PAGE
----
A Matter Of Conscience – Short Story By Dorothy Willing
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He hadn’t meant to. It had just got out of hand. Now what was he going to do?
Blame it on the worry of his gambling debts – worse, the ‘heavies’ who threatened, promised to collect – in-kind if necessary. They’d come very soon, he knew.
He’d tried to explain time was running out. If only he could raise money from somewhere, get out of this terrifying mess!
If only she’d listened, understood, cared.
But she hadn’t listened to his plea, his begging.
In a blind fury he’d shaken, punched, thrown her to the floor.
Now his grandmother lay lifeless at his feet.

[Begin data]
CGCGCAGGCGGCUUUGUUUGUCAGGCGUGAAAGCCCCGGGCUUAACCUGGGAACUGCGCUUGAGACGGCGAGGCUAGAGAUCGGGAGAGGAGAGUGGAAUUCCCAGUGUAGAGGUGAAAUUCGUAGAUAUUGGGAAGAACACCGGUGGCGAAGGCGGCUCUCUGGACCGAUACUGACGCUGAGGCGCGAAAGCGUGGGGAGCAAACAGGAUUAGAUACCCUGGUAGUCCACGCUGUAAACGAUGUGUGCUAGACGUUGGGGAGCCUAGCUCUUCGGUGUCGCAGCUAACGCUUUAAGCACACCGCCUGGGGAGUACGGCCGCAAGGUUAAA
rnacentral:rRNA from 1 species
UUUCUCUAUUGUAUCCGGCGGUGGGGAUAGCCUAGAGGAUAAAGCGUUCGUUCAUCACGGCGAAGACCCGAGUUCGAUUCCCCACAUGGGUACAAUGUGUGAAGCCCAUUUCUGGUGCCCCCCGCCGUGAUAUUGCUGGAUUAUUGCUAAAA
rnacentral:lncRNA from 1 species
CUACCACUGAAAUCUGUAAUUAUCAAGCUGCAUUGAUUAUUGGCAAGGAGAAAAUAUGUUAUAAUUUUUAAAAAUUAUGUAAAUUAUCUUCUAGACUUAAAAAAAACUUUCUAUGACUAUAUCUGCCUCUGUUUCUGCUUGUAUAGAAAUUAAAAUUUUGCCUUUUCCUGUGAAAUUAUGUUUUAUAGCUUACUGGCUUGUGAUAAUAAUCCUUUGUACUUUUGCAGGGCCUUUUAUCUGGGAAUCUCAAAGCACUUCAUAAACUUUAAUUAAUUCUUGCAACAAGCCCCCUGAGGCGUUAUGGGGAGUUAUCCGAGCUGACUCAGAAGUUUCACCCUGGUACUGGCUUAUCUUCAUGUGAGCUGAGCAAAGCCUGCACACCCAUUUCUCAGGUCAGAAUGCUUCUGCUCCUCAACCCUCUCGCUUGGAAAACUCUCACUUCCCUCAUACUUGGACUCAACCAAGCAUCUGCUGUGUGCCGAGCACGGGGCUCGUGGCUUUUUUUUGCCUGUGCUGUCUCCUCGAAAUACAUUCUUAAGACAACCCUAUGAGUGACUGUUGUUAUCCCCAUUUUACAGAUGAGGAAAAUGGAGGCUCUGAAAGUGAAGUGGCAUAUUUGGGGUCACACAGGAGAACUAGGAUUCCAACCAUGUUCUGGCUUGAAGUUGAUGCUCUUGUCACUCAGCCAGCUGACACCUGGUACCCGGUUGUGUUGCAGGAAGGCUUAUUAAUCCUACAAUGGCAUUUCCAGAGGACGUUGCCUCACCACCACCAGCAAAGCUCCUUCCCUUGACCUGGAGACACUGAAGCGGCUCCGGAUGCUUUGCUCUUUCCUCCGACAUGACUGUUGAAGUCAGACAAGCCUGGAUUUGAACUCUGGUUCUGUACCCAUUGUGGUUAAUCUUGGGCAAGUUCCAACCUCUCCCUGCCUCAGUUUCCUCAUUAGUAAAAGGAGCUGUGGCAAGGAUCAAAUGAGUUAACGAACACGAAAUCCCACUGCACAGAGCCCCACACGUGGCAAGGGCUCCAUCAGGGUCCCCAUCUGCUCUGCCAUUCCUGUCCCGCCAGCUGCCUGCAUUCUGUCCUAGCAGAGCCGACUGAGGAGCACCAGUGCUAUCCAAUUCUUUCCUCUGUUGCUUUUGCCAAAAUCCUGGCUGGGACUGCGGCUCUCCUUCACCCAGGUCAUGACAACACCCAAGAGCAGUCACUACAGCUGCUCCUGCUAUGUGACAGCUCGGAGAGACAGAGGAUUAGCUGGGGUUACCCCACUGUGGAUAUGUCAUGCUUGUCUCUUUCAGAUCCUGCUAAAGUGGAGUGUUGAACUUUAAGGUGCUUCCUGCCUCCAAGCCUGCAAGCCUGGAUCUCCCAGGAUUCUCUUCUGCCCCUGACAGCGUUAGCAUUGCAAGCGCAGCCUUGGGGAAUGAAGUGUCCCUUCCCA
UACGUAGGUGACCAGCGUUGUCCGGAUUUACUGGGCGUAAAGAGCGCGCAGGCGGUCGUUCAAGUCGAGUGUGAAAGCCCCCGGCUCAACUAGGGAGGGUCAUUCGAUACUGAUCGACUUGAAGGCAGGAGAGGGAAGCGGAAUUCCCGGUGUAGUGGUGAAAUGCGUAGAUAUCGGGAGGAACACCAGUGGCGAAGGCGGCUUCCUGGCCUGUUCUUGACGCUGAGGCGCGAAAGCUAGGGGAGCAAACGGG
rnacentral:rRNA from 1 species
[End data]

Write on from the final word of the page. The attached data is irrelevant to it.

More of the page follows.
Shaken, horrified, he stared at the body. Dear Lord, what had he done?
All he’d wanted was his promised inheritance in advance to pay off his crippling debts.
He knew escape was useless. Far better to go home and wait for the inevitable Police Call, probing, questioning.
He lay in bed, tossing, turning, shivering, crying at the enormity of what he’d done. Finally exhaused, troubled sleep came.
The sound of the shrilling telephone rudely startled him out of sleep.
Terror filled him, the body had been found.
He picked up the receiver. No sound came from his lips.
‘Hello, are you there? It’s Grandma. I just wanted to check that you’re not still having those awful, awful nightmares anymore? Darling, if you are you really should change those prescription pills, they’re far too strong. I’ll call again later.’……….